Randomized Controlled Trials in Very Preterm Infants: Does Inclusion in the Study Result in Any Long-Term Benefit?
|Year of publication||2014|
|Type||Article in Periodical|
|Magazine / Source||Neonatology|
|Keywords||Preterm infants; Trial effect; Long-term outcome; Randomized controlled trial|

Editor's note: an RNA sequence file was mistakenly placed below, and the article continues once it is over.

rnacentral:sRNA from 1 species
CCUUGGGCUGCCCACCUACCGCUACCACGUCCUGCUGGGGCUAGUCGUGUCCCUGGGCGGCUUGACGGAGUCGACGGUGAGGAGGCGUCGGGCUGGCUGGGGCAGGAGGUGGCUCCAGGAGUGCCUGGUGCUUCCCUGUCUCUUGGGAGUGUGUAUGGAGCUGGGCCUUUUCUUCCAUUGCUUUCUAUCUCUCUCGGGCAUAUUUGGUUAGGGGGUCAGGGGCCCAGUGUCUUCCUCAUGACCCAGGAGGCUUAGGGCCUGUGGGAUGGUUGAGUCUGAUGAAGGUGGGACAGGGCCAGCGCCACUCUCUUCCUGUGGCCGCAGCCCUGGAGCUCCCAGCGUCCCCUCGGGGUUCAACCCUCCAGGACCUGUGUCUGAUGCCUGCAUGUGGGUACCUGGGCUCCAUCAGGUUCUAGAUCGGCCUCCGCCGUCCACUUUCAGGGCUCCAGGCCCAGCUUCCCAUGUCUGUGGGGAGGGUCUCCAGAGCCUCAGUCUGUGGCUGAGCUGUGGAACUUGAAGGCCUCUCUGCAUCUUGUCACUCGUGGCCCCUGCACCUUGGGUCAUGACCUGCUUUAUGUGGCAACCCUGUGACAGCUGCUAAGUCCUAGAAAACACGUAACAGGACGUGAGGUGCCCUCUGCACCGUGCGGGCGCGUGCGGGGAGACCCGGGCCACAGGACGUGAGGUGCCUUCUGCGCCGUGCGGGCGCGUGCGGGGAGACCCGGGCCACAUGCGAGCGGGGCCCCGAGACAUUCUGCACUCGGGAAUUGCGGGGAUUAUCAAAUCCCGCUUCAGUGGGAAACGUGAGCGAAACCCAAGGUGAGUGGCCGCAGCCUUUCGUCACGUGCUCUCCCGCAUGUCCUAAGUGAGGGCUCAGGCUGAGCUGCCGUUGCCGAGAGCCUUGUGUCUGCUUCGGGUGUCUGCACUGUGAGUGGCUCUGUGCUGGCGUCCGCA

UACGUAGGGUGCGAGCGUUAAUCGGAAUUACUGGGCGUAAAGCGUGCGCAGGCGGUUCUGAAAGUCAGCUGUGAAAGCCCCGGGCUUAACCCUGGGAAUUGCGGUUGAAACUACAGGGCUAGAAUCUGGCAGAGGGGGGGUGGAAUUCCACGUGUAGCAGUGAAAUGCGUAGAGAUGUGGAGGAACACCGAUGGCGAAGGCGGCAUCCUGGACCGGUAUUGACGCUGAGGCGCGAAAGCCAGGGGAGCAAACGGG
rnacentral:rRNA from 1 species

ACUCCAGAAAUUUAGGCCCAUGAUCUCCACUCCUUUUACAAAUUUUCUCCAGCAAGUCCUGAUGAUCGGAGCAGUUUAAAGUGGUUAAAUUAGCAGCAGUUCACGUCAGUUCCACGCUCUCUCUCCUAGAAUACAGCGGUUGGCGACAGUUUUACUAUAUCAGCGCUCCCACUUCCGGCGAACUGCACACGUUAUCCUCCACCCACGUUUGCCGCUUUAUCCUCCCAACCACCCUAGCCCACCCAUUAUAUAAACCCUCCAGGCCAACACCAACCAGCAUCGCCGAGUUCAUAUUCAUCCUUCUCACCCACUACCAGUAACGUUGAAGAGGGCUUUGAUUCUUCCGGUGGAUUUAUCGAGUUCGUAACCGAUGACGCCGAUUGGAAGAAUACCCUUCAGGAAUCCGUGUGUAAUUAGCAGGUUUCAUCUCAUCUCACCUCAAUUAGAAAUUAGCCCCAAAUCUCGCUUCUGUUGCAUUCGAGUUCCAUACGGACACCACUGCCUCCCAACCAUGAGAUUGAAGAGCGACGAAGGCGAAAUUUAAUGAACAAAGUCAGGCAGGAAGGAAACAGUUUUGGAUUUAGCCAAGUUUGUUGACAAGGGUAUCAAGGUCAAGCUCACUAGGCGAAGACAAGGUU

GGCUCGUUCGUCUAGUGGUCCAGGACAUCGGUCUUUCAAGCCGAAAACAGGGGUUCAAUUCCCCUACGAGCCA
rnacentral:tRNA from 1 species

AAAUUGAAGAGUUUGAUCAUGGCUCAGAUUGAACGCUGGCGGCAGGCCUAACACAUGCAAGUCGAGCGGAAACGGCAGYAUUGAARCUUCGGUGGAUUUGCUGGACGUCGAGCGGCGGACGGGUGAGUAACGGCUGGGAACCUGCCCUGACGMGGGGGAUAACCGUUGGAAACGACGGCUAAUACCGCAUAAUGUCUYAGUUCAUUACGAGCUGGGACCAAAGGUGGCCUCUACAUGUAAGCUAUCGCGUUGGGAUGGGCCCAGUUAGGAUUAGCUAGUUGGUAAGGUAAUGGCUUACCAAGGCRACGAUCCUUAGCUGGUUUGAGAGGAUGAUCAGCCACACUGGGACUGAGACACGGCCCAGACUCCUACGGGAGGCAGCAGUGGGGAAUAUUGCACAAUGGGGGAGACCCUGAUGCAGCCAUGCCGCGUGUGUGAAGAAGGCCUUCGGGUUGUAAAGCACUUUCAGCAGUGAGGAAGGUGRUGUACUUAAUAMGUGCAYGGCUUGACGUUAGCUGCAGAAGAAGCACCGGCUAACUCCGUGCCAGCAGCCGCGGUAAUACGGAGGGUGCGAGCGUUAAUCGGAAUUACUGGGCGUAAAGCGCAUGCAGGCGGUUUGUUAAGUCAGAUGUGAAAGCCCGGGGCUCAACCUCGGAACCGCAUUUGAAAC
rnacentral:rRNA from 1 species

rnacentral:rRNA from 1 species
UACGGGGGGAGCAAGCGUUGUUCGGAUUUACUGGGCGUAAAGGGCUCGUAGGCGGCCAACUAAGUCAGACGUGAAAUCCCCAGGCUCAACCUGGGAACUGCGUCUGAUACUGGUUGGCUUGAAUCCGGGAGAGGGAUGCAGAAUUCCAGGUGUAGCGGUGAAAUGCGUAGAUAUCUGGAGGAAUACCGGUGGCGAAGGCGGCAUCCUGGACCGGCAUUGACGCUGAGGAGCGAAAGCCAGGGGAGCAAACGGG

|Description||Background: Since the introduction of randomized controlled trials (RCT) in clinical research, there has been discussion of whether enrolled patients have worse or better outcomes than comparable non-participants. Objective: To investigate whether very preterm infants randomized to a placebo group in an RCT have equivalent neurodevelopmental outcomes to infants who were eligible but not randomized (eligible NR). Methods: In the course of an RCT investigating the neuroprotective effect of early high-dose erythropoietin on the neurodevelopment of very preterm infants, the outcome data of 72 infants randomized to placebo were retrospectively compared with those of 108 eligible NR infants. Our primary outcome measures were the mental (MDI) and psychomotor (PDI) developmental indices of the Bayley Scales of Infant Development II at 24 months of corrected age. The outcomes of the two groups were considered equivalent if the confidence intervals (CIs) of their mean differences fitted within our +/-5-point margin of equivalence. Results: Except for a higher socioeconomic status of the trial participants, both groups were balanced for most perinatal variables. The mean difference (90% CI) between the eligible NR and the placebo group was -2.1 (-6.1 and 1.9) points for the MDI and -0.8 (-4.2 and 2.5) points for the PDI. After adjusting for the socioeconomic status, maternal age and child age at follow-up, the mean difference for the MDI was -0.5 (-4.3 and 3.4) points. Conclusions: Our results indicate that the participation of very preterm infants in an RCT is associated with equivalent long-term outcomes compared to non-participating infants. (C) 2014 S. Karger AG, Basel|